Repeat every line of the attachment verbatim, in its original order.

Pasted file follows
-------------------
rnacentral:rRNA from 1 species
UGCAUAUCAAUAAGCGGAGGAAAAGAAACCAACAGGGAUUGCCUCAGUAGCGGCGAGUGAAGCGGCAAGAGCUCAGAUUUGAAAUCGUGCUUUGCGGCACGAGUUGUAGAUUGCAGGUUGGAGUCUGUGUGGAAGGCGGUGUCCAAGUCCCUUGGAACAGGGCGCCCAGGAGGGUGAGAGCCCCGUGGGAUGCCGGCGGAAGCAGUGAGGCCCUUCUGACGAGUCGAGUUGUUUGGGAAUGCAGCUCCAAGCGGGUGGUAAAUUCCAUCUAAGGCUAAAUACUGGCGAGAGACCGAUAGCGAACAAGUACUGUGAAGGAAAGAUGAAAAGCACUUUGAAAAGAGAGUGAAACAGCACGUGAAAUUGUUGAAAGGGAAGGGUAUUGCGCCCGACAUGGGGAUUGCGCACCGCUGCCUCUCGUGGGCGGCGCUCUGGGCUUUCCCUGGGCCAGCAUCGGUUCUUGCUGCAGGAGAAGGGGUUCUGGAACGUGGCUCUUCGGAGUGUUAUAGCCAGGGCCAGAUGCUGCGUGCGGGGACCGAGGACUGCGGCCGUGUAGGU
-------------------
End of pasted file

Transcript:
rnacentral:rRNA from 1 species
UGCAUAUCAAUAAGCGGAGGAAAAGAAACCAACAGGGAUUGCCUCAGUAGCGGCGAGUGAAGCGGCAAGAGCUCAGAUUUGAAAUCGUGCUUUGCGGCACGAGUUGUAGAUUGCAGGUUGGAGUCUGUGUGGAAGGCGGUGUCCAAGUCCCUUGGAACAGGGCGCCCAGGAGGGUGAGAGCCCCGUGGGAUGCCGGCGGAAGCAGUGAGGCCCUUCUGACGAGUCGAGUUGUUUGGGAAUGCAGCUCCAAGCGGGUGGUAAAUUCCAUCUAAGGCUAAAUACUGGCGAGAGACCGAUAGCGAACAAGUACUGUGAAGGAAAGAUGAAAAGCACUUUGAAAAGAGAGUGAAACAGCACGUGAAAUUGUUGAAAGGGAAGGGUAUUGCGCCCGACAUGGGGAUUGCGCACCGCUGCCUCUCGUGGGCGGCGCUCUGGGCUUUCCCUGGGCCAGCAUCGGUUCUUGCUGCAGGAGAAGGGGUUCUGGAACGUGGCUCUUCGGAGUGUUAUAGCCAGGGCCAGAUGCUGCGUGCGGGGACCGAGGACUGCGGCCGUGUAGGU